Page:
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Samsung claims Galaxy Tab return rate below two percent

updated 10:40 am EST, Thu February 3, 2011

Samsung says Galaxy Tab returns in US under 2pc

Samsung took further steps to try and control what it saw as damage to its image with a terse statement challenging analysts' claims of high Galaxy Tab return rates. It disputed ITG's observations of up to 15 percent return rates as "incorrect." The actual return rate in the US was under two percent, the company said.

Its comment followed just days after it said it had been misquoted in its results call as to its sell-through rate to real customers. A WSJ journalist had heard they were "quite small" when executive Lee Young-hee had said they were "quite smooth."

The remarks put Galaxy Tab refunds in line with those with the iPad, which ITG said was also at two percent. It's unclear what ITG's exact methodology was. Analyst studies, however, usually go on a small sample of hundreds or thousands of transactions where Samsung can get information directly from retailers that it normally keeps secret.

How well the Galaxy Tab has actually sold still remains a mystery. Although its quoted shipments of 1.5 million in 2010 are now closer to what was reflected in actual users, it had admitted during the same disputed fiscal results call that take-up hadn't been as fast as expected. Apple wouldn't have sold all the 7.33 million iPads it delivered in the same period, but it has quoted strong demand and has been selling virtually every tablet not set aside for replacements or other needed supplies.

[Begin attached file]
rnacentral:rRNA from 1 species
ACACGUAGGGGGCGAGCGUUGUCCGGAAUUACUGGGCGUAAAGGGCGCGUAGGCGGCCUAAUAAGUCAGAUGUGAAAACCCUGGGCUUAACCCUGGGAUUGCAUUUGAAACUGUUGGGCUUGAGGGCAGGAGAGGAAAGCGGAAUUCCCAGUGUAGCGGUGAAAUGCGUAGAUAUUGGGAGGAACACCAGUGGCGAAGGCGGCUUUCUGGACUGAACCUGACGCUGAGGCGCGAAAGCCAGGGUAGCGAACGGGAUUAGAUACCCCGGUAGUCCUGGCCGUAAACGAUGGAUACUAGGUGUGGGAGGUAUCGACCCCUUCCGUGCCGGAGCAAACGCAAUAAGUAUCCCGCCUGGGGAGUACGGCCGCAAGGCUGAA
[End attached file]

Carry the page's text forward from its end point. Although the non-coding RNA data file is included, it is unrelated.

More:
by MacNN Staff



  1. iphonerulez

    Joined: Dec 1969


    15% return rate did seem a bit high...

    considering there were no major flaws in the device.

    I'll never understand how most companies are able to cover up how many devices they're selling. It seems as though Kindle sales are never precisely revealed, yet with Apple devices sales are revealed in great detail.

  1. Jonathan-Tanya

    Joined: Dec 1969


    the issue is slightly over stated

    It gets a bit old, the constant discussion of sell thru.

    Ultimately everything you manufacture is sold, or put in a landfill.

    I don't think the Galaxy Tab is a landfill event. If they've flooded the channel, they may have to steep discount to get a surplus through the channel.

    To date, they haven't done that. They will probably just slow down manufacturing, or even halt it ahead of a new model's release to clear the channel.

    Everyone, and I mean everyone, has to have some models sitting on a shelf - the alternative is that the shelf is completely bare - that would actually hurt sales to not have any in stock, on a permanent basis.

    So - I mean the story about the 'surprise' that not everything made has been sold yet - when that is normal and ideal to have stock on hand - is just so tiring.

    Has GT sold a bit slower than Samsung hoped? I don't know or care, I hope that overpriced junk doesn't sell.

    WAY TOO EXPENSIVE for a 7" tablet. I like Android, I hope the 3.0 android experience is a good one, and new tablets that aren't overpriced or tied to expensive contracts, end up selling well....but the GT, yeck, it stinks.

  1. MadGoat

    Joined: Dec 1969



    iphonerulez, I think the reason that Apple reveals its numbers is that it has nothing to prove. While Samsung is just trying to save face and saying their device selling well.